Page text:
Genesis 26:22 Parallel Verses [⇓ See commentary ⇓]

Genesis 26:22, NIV: "He moved on from there and dug another well, and no one quarreled over it. He named it Rehoboth, saying, 'Now the LORD has given us room and we will flourish in the land.'"

Genesis 26:22, ESV: "And he moved from there and dug another well, and they did not quarrel over it. So he called its name Rehoboth, saying, “For now the LORD has made room for us, and we shall be fruitful in the land.”"

Genesis 26:22, KJV: "And he removed from thence, and digged another well; and for that they strove not: and he called the name of it Rehoboth; and he said, For now the LORD hath made room for us, and we shall be fruitful in the land."

Genesis 26:22, NASB: "Then he moved away from there and dug another well, and they did not quarrel over it; so he named it Rehoboth, for he said, 'At last the LORD has made room for us, and we will be fruitful in the land.'"

Genesis 26:22, NLT: "Abandoning that one, Isaac moved on and dug another well. This time there was no dispute over it, so Isaac named the place Rehoboth (which means 'open space'), for he said, 'At last the LORD has created enough space for us to prosper in this land.'"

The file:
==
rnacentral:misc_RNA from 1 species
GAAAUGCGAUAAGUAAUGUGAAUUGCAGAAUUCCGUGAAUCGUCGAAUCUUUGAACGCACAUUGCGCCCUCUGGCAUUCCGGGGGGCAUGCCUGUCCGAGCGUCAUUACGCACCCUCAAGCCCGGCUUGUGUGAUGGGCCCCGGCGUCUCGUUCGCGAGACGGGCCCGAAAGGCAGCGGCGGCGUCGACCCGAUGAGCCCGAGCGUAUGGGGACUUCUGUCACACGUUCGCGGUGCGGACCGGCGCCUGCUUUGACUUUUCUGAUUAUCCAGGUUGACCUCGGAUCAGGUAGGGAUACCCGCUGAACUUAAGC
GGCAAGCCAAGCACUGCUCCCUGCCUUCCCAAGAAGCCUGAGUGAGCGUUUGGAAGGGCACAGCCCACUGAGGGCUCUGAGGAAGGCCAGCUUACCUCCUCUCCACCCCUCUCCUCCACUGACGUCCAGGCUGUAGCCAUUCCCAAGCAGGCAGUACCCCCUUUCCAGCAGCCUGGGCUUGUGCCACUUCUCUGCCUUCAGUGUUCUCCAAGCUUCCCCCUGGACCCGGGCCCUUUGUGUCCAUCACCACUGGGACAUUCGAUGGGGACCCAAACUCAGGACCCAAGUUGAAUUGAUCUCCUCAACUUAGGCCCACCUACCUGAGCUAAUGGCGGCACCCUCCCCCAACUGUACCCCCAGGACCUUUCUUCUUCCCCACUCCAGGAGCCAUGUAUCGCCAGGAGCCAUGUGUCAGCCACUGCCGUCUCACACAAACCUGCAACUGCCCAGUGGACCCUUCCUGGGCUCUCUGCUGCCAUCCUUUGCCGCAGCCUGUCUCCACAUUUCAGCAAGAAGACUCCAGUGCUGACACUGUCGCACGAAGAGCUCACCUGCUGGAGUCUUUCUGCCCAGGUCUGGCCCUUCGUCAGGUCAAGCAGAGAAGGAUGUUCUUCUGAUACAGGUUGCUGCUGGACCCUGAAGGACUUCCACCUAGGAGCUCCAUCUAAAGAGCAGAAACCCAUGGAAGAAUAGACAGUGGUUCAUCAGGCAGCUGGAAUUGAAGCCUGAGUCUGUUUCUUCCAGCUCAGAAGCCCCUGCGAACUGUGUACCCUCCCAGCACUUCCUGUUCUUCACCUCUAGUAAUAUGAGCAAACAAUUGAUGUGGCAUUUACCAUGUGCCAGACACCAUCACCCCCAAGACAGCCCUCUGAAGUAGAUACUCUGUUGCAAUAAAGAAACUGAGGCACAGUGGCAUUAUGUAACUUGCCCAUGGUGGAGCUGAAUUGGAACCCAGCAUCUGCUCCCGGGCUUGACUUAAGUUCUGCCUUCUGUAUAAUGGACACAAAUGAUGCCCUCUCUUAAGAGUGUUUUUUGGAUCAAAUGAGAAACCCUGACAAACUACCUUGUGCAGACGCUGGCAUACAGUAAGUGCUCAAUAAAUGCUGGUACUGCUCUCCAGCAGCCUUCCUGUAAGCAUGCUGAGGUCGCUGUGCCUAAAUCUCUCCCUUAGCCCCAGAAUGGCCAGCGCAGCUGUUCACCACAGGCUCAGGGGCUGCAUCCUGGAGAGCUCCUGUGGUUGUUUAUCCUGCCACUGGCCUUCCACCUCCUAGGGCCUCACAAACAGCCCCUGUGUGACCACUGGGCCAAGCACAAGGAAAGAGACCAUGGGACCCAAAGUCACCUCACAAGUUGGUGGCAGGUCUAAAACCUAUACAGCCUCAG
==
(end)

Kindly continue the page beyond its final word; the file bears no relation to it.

Genesis 26:22, CSB: "He moved from there and dug another, and they did not quarrel over it. He named it Rehoboth and said, "For now the LORD has made space for us, and we will be fruitful in the land.""

What does Genesis 26:22 mean? [⇑ See verse text ⇑]

Having moved some distance away from the main population of Gerar (Genesis 26:14–17), Isaac's men have dug two wells so far. In both cases, they were challenged by the local herdsmen over the rights to the water. Isaac named both wells to represent the disputes that came from them (Genesis 26:18–21). The first was called Esek, the second Sitnah, meaning "contention" and "quarrel," respectively. This choice seems to reflect a passive attitude on the part of Isaac, since he's clearly powerful enough to keep those wells by force, if he so chose.

The third well, however, brings no dispute from the locals. Perhaps they gave up challenging Isaac once they realized he would just keep digging wells. Or, perhaps Isaac's family has moved far enough away that it's just not worth a challenge from the locals anymore, we don't know, but Isaac appears to be satisfied. He names this well Rehoboth, which means "broad places" or "room," and he gives credit to the Lord for providing it.

Specifically, Isaac notices that the Lord has made room for his enormous estate to settle in the region. Nothing would now stand in the way of the fruitful growth of all of his possessions.